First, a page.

This photo tells a story from the book of Luke: An uninvited woman, seen as a sinner, a woman of lower class who wanted to wash a religious leader’s feet with her own tears. The owner of the house was appalled by her, but Jesus “saw this woman”, intervened and provided protection, illustrating how to advocate for those longing for forgiveness.

Do you see this woman? Christ saw the woman, not her bad reputation, not her past misdeeds, not her wayward lifestyle. He saw her best potential self. He saw her broken heart. He saw the gratefulness she felt that any man could think she was something other than the role the community had assigned to her.

Jesus saw the women. If you want to conduct a study as to Jesus’ attitude toward women in a time when they were considered lower than second class, look through the stories collected in the Gospel of Luke. Here we see a man who loved women, advocated for them, healed them and welcomed them as companions in His earthly ministry.

We, too, need to see the women of the world. We need to turn our energies toward helping countries change and cure the great harms that have contributed to the extraordinary demographic imbalance of some 110 males for every 100 women. Indeed, many developing countries consider elevating women from underclass to an educated class as a means of increasing the capacity of the country to function competitively in a global economy.

This little girl, along with thousands of other children, lives in the slums of Delhi. She—and the children like her—lack access to education, nutritious food and health care facilities, to name the least. They begin working at a very young age picking up trash or working for small workshops to earn wages to provide for themselves.
This little girl, along with thousands of other children, lives in the slums of Delhi. She—and the children like her—lack access to education, nutritious food and health care facilities, to name the least. They begin working at a very young age picking up trash or working for small workshops to earn wages to provide for themselves. Realities like this lead to an increasing amount of missing women and acute gender imbalance worldwide.

A Consensual Solidarity of Concern

Let us grieve for these who have suffered such hardships, deprivation, bondage, violence, societal disfavor or low self-esteem brought on by the scornful esteem of the men in one’s social circle. Let us form a solidarity of concern and do what we can to change the capacity of others, either men or women, but for the purposes of this article, particularly women, for the 100 million missing women and fight the aftermath of gender imbalance.

In 1980, I went on a sponsored survey trip for Food for the Hungry to write about that organization’s work in the disaster areas of the world. It was an extraordinary global journey and an extraordinary exposure to the needs and crises of humanity worldwide as well. At the start of the trip, on April 1 in Hong Kong, I had time to do a study of Christ’s ministry as recorded in the Gospel of Matthew, and I wrote out all the verses to remind myself of how dramatic His healing, teaching and miracle-filled ministry must have been to the masses.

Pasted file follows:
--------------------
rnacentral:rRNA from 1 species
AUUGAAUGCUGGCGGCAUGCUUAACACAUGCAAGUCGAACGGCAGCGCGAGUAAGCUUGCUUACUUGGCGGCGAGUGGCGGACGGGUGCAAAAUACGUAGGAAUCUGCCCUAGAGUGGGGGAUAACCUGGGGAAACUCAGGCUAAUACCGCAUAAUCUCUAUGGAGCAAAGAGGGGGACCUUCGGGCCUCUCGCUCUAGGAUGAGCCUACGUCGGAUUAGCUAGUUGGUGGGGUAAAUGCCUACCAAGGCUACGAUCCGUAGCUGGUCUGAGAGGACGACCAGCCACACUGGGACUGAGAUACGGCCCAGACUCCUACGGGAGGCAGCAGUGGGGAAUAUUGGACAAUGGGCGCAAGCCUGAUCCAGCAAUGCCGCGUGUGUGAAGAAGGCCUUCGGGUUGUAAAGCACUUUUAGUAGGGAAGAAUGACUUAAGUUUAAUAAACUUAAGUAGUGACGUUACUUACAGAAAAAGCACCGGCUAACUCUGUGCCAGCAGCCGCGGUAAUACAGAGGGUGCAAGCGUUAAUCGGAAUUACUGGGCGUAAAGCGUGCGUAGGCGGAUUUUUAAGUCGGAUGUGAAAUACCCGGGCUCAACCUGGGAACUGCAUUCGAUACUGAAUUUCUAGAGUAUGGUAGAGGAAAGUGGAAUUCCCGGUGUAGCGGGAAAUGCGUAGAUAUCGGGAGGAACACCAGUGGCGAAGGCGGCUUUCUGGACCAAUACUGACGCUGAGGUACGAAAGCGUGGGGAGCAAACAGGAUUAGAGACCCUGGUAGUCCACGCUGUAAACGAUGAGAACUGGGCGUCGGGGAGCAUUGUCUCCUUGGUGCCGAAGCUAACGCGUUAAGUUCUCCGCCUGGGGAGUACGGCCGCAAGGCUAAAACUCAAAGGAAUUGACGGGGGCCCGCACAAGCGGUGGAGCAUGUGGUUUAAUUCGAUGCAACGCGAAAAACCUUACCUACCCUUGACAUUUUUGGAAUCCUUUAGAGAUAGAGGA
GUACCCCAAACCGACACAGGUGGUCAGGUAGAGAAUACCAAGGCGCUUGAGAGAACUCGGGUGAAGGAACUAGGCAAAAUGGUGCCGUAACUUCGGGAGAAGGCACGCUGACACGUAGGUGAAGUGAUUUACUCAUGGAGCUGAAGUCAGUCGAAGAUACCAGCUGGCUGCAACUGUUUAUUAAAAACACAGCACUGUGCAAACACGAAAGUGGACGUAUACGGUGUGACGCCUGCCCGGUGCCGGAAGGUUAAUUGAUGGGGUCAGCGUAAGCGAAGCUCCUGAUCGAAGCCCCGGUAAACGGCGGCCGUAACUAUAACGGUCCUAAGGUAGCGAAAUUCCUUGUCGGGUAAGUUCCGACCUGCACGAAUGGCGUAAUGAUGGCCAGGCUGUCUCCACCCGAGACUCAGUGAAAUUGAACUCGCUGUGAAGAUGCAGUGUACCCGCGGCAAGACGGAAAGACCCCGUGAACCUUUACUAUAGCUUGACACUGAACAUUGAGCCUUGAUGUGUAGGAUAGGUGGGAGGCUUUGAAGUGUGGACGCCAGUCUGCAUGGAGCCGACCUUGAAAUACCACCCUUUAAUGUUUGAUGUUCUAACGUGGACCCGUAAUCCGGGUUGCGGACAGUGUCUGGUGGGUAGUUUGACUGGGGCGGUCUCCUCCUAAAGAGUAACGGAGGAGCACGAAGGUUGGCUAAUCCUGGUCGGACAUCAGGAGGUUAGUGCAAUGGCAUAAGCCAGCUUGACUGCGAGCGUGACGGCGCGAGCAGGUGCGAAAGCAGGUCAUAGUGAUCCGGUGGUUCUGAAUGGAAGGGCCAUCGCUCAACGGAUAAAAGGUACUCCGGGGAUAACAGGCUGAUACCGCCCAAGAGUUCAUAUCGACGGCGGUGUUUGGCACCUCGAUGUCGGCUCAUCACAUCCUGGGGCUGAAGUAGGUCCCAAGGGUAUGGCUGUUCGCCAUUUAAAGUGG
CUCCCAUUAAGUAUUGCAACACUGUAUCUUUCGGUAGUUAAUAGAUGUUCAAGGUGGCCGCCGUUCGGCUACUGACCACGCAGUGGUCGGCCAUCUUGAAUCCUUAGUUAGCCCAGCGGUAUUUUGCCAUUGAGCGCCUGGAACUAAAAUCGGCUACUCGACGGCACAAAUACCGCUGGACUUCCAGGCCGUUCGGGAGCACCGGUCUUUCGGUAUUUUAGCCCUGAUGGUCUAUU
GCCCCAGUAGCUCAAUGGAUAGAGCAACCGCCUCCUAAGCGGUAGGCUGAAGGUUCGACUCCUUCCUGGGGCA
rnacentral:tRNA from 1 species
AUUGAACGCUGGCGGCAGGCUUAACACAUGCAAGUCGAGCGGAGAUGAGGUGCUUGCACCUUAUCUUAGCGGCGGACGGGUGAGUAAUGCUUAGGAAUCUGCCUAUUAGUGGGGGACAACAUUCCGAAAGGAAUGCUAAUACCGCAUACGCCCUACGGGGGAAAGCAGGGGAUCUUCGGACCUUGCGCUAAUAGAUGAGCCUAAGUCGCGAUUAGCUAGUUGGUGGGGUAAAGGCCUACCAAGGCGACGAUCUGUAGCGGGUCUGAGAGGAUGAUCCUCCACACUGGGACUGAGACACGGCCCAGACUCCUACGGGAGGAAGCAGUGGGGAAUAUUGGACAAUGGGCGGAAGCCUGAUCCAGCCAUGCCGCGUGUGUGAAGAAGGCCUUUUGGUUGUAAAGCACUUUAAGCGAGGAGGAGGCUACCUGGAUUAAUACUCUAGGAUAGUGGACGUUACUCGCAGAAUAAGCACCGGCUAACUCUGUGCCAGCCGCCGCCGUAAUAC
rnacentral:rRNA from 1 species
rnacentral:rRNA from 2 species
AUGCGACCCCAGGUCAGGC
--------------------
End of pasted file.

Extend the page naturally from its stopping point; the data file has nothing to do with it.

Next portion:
Something about Christ’s response to the needy women who were part of all those crowds touched me deeply, and I wrote:

Lord, I praise You that while You are also God of the individual, You are also God of the masses. What did you have in mind for me to write about these masses of women?

  • Those who with little household aids, nevertheless, keep their houses (huts or tents) clean?
  • Those who demonstrate industry weaving or knitting?
  • Those who work in gardens, hoeing with homemade instruments or digging in the soil with sharpened sticks?
  • Those who run sidewalk cafés—little set-up carts?
  • Those who pour cool drips of the water they have walked miles to gather over the bodies of their sweaty and dirty children?
  • Those who are painstakingly learning English in order to better themselves with foreigners?
  • Those who are raising pigs in piggeries?
  • Those in refugee camps who have nothing profitable to do afternoon after afternoon after afternoon?
  • Those who have willingly offered me their babies because the past is horrendous, their husbands are no longer alive and the future looks hopeless?
  • Those with wholesome, plain faces who volunteer their lives to serve the missionaries who bring some sensibility of promise into nonsensical and unpromising conditions?
  • Those who plant flowers in front of their settlement housing (canvas tents or ramshackle shelters)?

There is something about actually seeing the masses of needy and desperate yet often-courageous women struggling just to survive in the resettlement housing in Hong Kong, in the refugee camps in Thailand (those fleeing the Pol Pot massacres in Cambodia), in the canvas villages with dirt paths, in the milk-and-food lines provided by development organizations, or in the old abandoned ammo depots now housing a population of 20,000.


Read the rest of Gospel for Asia’s Special Report on 100 Million Missing Women & the Aftermath of Acute Gender Imbalance here: Part 1 | Part 3

Learn more about Gospel for Asia’s programs to combat the acute gender imbalance reality by helping women through Vocational Training, Sewing Machines and Literacy Training.

This Special Report article originally appeared on GFA.org


Read more on the missing women dilemma on gender imbalance and violence against women on Patheos.

Click here, to read more blogs on Patheos from Gospel for Asia.